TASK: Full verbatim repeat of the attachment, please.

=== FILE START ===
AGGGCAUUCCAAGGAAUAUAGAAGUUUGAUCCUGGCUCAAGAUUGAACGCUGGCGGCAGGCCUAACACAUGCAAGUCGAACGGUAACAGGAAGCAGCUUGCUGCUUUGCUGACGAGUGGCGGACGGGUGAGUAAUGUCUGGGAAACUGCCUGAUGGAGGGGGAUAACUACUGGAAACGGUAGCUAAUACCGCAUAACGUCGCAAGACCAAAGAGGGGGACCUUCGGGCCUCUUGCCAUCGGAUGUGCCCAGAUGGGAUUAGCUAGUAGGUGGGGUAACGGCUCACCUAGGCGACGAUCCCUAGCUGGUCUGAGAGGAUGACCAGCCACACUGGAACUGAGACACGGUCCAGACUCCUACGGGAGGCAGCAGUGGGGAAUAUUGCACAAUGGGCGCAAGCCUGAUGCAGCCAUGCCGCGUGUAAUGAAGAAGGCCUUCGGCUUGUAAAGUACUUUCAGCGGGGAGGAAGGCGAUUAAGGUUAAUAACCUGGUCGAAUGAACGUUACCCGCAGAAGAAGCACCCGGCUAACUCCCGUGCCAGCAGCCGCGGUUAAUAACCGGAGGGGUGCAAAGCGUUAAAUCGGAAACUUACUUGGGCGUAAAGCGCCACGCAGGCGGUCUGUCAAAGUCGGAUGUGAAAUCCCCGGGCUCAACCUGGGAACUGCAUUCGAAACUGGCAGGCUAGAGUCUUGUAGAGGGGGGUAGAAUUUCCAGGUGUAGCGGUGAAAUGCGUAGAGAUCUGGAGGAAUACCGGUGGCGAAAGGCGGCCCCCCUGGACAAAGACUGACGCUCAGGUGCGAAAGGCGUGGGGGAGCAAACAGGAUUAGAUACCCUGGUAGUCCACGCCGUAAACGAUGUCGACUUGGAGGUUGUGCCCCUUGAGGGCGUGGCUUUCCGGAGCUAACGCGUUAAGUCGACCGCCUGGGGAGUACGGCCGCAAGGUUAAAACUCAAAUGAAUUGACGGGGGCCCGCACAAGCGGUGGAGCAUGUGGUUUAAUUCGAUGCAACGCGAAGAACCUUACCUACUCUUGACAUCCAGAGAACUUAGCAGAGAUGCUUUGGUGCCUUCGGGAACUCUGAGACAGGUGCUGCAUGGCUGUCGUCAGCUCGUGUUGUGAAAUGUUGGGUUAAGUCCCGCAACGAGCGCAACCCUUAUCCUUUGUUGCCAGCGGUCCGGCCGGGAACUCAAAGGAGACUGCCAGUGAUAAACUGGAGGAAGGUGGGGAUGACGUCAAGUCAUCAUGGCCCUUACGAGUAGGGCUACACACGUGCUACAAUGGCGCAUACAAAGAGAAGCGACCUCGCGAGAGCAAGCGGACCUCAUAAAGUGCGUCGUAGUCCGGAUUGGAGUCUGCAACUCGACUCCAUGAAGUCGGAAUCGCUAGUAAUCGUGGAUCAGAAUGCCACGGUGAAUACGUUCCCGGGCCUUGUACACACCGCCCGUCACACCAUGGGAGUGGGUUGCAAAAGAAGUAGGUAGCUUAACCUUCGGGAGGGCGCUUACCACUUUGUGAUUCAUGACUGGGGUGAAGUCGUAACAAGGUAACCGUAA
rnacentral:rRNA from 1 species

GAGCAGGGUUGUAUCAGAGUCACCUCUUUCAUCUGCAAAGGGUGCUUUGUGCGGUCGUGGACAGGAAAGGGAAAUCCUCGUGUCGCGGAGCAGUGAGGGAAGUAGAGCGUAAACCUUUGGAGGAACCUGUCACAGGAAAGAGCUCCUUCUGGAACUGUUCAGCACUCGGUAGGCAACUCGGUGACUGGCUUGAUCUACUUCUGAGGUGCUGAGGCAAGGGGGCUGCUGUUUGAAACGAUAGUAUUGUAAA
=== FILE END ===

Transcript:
AGGGCAUUCCAAGGAAUAUAGAAGUUUGAUCCUGGCUCAAGAUUGAACGCUGGCGGCAGGCCUAACACAUGCAAGUCGAACGGUAACAGGAAGCAGCUUGCUGCUUUGCUGACGAGUGGCGGACGGGUGAGUAAUGUCUGGGAAACUGCCUGAUGGAGGGGGAUAACUACUGGAAACGGUAGCUAAUACCGCAUAACGUCGCAAGACCAAAGAGGGGGACCUUCGGGCCUCUUGCCAUCGGAUGUGCCCAGAUGGGAUUAGCUAGUAGGUGGGGUAACGGCUCACCUAGGCGACGAUCCCUAGCUGGUCUGAGAGGAUGACCAGCCACACUGGAACUGAGACACGGUCCAGACUCCUACGGGAGGCAGCAGUGGGGAAUAUUGCACAAUGGGCGCAAGCCUGAUGCAGCCAUGCCGCGUGUAAUGAAGAAGGCCUUCGGCUUGUAAAGUACUUUCAGCGGGGAGGAAGGCGAUUAAGGUUAAUAACCUGGUCGAAUGAACGUUACCCGCAGAAGAAGCACCCGGCUAACUCCCGUGCCAGCAGCCGCGGUUAAUAACCGGAGGGGUGCAAAGCGUUAAAUCGGAAACUUACUUGGGCGUAAAGCGCCACGCAGGCGGUCUGUCAAAGUCGGAUGUGAAAUCCCCGGGCUCAACCUGGGAACUGCAUUCGAAACUGGCAGGCUAGAGUCUUGUAGAGGGGGGUAGAAUUUCCAGGUGUAGCGGUGAAAUGCGUAGAGAUCUGGAGGAAUACCGGUGGCGAAAGGCGGCCCCCCUGGACAAAGACUGACGCUCAGGUGCGAAAGGCGUGGGGGAGCAAACAGGAUUAGAUACCCUGGUAGUCCACGCCGUAAACGAUGUCGACUUGGAGGUUGUGCCCCUUGAGGGCGUGGCUUUCCGGAGCUAACGCGUUAAGUCGACCGCCUGGGGAGUACGGCCGCAAGGUUAAAACUCAAAUGAAUUGACGGGGGCCCGCACAAGCGGUGGAGCAUGUGGUUUAAUUCGAUGCAACGCGAAGAACCUUACCUACUCUUGACAUCCAGAGAACUUAGCAGAGAUGCUUUGGUGCCUUCGGGAACUCUGAGACAGGUGCUGCAUGGCUGUCGUCAGCUCGUGUUGUGAAAUGUUGGGUUAAGUCCCGCAACGAGCGCAACCCUUAUCCUUUGUUGCCAGCGGUCCGGCCGGGAACUCAAAGGAGACUGCCAGUGAUAAACUGGAGGAAGGUGGGGAUGACGUCAAGUCAUCAUGGCCCUUACGAGUAGGGCUACACACGUGCUACAAUGGCGCAUACAAAGAGAAGCGACCUCGCGAGAGCAAGCGGACCUCAUAAAGUGCGUCGUAGUCCGGAUUGGAGUCUGCAACUCGACUCCAUGAAGUCGGAAUCGCUAGUAAUCGUGGAUCAGAAUGCCACGGUGAAUACGUUCCCGGGCCUUGUACACACCGCCCGUCACACCAUGGGAGUGGGUUGCAAAAGAAGUAGGUAGCUUAACCUUCGGGAGGGCGCUUACCACUUUGUGAUUCAUGACUGGGGUGAAGUCGUAACAAGGUAACCGUAA
rnacentral:rRNA from 1 species

GAGCAGGGUUGUAUCAGAGUCACCUCUUUCAUCUGCAAAGGGUGCUUUGUGCGGUCGUGGACAGGAAAGGGAAAUCCUCGUGUCGCGGAGCAGUGAGGGAAGUAGAGCGUAAACCUUUGGAGGAACCUGUCACAGGAAAGAGCUCCUUCUGGAACUGUUCAGCACUCGGUAGGCAACUCGGUGACUGGCUUGAUCUACUUCUGAGGUGCUGAGGCAAGGGGGCUGCUGUUUGAAACGAUAGUAUUGUAAA